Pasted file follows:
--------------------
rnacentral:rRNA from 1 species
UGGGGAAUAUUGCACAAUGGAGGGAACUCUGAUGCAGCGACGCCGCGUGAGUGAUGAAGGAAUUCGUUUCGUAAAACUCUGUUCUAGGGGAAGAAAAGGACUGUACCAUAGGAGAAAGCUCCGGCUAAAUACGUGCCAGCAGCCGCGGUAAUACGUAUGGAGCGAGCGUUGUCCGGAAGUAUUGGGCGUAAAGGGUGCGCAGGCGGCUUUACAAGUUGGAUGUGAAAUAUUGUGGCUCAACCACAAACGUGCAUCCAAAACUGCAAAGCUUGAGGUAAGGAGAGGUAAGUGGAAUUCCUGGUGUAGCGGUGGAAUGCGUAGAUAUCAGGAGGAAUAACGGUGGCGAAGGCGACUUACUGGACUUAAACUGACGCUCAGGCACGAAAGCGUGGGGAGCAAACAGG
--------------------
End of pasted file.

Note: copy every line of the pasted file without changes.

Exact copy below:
rnacentral:rRNA from 1 species
UGGGGAAUAUUGCACAAUGGAGGGAACUCUGAUGCAGCGACGCCGCGUGAGUGAUGAAGGAAUUCGUUUCGUAAAACUCUGUUCUAGGGGAAGAAAAGGACUGUACCAUAGGAGAAAGCUCCGGCUAAAUACGUGCCAGCAGCCGCGGUAAUACGUAUGGAGCGAGCGUUGUCCGGAAGUAUUGGGCGUAAAGGGUGCGCAGGCGGCUUUACAAGUUGGAUGUGAAAUAUUGUGGCUCAACCACAAACGUGCAUCCAAAACUGCAAAGCUUGAGGUAAGGAGAGGUAAGUGGAAUUCCUGGUGUAGCGGUGGAAUGCGUAGAUAUCAGGAGGAAUAACGGUGGCGAAGGCGACUUACUGGACUUAAACUGACGCUCAGGCACGAAAGCGUGGGGAGCAAACAGG